The Return of Dan Enos to Arkansas and the Potential Within

Coach Sam Pittman’s search for a new offensive coordinator lasted about as long as the average Arkansas fan can hold their breath. With plenty of talks of former OC Kendall Briles moving on, the athletic department was listening. Those potential moves – well known to this point – wound up costing the now TCU offensive coordinator. Being reeled back in originally, it didn’t leave a great taste in anyone’s mouths.  Fast forward to the present and Briles’ second attempt to flirt was his last. 

Not many names were making an appearance on the hot boards to replace Briles, but one grabbed some steam and fast. Dan Enos had all but moved in by the time the news of Briles moving on had been announced. 

In a seemingly overnight shift, the speed to which Pittman and company pulled the move off proved they were prepared. Not only that, it also provided a much better foundational assurance that Pittman has been striving to create. 

Rumors Prove Pittman’s Loyalty Commitment

What’s to follow is mostly speculation, but also holds a ton of weight. Going into the offseason, it was predetermined that Briles was going to need a bump in his contract. There were plenty of head coaching jobs at appealing lower-tier schools that could’ve brought attraction. Turns out, we were looking toward the wrong seat in the coaching tree. 

With lacking news of a new contract in the media, up sprouted the Mississippi State rumors. As it turns out, that was nearly his new home. Scrambling to keep him on staff to an extent, that finally brought out the talks of a new contract. One that was likely more than necessary. The rumors fell through soon after and Briles remained. Now, take a look at the angle that Pittman has on players entering the transfer portal for a second. Valuing loyalty at the top of the pyramid, a lot of players are deemed gone once they step foot out the door. Only a select few were given the nod to return. The same principles certainly apply to the Briles fiasco.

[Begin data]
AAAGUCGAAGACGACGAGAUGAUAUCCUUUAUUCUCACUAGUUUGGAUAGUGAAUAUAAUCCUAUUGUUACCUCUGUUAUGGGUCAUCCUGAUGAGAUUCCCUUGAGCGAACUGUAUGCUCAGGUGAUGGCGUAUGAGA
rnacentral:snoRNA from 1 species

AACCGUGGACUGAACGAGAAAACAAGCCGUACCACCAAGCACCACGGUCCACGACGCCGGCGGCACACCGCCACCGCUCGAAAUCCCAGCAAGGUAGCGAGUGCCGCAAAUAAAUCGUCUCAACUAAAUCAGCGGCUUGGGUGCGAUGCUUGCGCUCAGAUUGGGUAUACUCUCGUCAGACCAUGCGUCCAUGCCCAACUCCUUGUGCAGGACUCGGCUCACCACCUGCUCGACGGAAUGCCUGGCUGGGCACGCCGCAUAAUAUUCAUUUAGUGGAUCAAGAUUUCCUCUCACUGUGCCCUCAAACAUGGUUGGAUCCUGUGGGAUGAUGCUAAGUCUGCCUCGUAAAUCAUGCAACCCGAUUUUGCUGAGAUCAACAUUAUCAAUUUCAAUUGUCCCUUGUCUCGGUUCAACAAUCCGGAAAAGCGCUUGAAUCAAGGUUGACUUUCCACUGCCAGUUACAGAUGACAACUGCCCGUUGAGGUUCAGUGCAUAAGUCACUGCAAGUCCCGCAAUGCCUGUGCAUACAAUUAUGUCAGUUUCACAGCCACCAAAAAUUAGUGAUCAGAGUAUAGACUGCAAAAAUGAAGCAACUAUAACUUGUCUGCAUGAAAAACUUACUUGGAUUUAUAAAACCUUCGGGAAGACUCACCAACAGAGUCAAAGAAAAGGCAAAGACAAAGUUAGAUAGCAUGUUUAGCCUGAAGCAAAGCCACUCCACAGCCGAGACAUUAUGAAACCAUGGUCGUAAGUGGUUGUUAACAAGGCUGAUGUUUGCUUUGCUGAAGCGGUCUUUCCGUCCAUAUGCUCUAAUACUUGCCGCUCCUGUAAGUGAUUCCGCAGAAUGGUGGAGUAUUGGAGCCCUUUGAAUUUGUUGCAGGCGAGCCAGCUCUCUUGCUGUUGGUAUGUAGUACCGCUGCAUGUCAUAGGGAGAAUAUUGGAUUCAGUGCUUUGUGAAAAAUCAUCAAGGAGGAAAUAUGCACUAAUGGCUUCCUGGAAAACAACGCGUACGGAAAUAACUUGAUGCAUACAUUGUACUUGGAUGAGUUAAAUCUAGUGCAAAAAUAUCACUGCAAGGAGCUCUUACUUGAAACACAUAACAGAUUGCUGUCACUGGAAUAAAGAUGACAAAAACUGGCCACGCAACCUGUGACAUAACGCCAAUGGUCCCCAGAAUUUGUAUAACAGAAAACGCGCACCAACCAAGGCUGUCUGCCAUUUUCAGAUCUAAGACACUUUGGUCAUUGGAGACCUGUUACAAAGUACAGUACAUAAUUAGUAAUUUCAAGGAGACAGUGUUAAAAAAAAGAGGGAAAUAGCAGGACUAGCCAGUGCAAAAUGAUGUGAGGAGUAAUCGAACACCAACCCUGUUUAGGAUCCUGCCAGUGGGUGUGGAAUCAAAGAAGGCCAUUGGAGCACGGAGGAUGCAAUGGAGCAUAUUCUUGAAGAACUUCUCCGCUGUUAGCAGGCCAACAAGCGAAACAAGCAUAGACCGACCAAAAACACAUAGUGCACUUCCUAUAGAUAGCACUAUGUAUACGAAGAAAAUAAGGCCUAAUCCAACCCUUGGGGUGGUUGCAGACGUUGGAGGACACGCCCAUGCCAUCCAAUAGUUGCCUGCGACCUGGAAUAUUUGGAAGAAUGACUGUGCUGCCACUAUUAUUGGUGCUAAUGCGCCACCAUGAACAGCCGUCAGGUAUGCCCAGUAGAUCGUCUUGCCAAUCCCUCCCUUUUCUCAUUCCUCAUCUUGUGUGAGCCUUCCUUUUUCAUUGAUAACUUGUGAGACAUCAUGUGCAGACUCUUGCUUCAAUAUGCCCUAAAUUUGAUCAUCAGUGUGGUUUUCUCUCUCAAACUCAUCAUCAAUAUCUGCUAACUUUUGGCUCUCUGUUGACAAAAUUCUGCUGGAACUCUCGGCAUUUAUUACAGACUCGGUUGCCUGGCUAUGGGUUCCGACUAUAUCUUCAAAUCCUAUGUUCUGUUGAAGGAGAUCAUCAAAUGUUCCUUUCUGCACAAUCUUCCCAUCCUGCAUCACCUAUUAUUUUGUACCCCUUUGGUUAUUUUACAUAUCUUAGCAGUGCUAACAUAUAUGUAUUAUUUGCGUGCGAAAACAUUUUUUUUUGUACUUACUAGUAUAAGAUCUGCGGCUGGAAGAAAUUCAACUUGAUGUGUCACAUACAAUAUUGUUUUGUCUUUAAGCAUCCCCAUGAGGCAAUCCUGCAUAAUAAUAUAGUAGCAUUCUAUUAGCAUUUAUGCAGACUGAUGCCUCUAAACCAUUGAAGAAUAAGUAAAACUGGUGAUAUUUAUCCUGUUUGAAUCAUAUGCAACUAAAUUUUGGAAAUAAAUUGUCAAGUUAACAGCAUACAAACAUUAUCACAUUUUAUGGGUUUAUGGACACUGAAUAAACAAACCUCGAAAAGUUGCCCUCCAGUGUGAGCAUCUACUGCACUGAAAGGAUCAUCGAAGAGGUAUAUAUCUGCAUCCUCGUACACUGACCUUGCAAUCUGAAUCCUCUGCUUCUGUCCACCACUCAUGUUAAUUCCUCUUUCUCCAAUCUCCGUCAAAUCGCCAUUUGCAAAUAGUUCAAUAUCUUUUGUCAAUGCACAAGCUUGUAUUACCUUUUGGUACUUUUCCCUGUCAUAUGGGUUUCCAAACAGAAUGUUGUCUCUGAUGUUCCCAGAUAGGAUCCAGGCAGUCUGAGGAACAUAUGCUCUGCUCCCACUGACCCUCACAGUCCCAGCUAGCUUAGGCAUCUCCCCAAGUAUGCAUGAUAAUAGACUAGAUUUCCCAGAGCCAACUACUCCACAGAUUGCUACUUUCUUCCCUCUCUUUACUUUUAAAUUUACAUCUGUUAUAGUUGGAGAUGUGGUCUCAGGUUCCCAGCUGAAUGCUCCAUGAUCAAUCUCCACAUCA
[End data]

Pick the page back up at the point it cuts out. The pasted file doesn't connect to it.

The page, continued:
As mentioned previously, the attempted move, especially with an SEC rival, didn’t leave a smile on anyone’s face. It nearly had the same amount of awkwardness as Jim Harbaugh wanting to move on to the NFL again before last season, only to stay at Michigan. When it felt like the dust had settled, it was only just beginning. Like any old-school love story, Briles went back to throwing pebbles at windows to get a girl’s attention. Only this time, Hunter Yurachek was prepared to cut the cord. 

All while Briles dug his own tunnel to Fort Worth, Sam Pittman was laying down the Razorback red carpet for a man who wanted to be here. That coach, fitting the exact mold that Pittman wants in his peers, was none other than Dan Enos. A great friend of Pittman even before they worked together at Arkansas, it felt almost poetic. Already getting to work with the staff, let’s look back briefly at Enos’ tenure. 

First Arkansas Stint: Having the Pieces

Taking on the Arkansas offensive coordinator job under Bret Bielema in 2015, Enos had a great quarterback to help lead the team to the promised land. That player being none other than Brandon Allen, he helped supply Arkansas with some astounding offensive numbers both personally and as a team.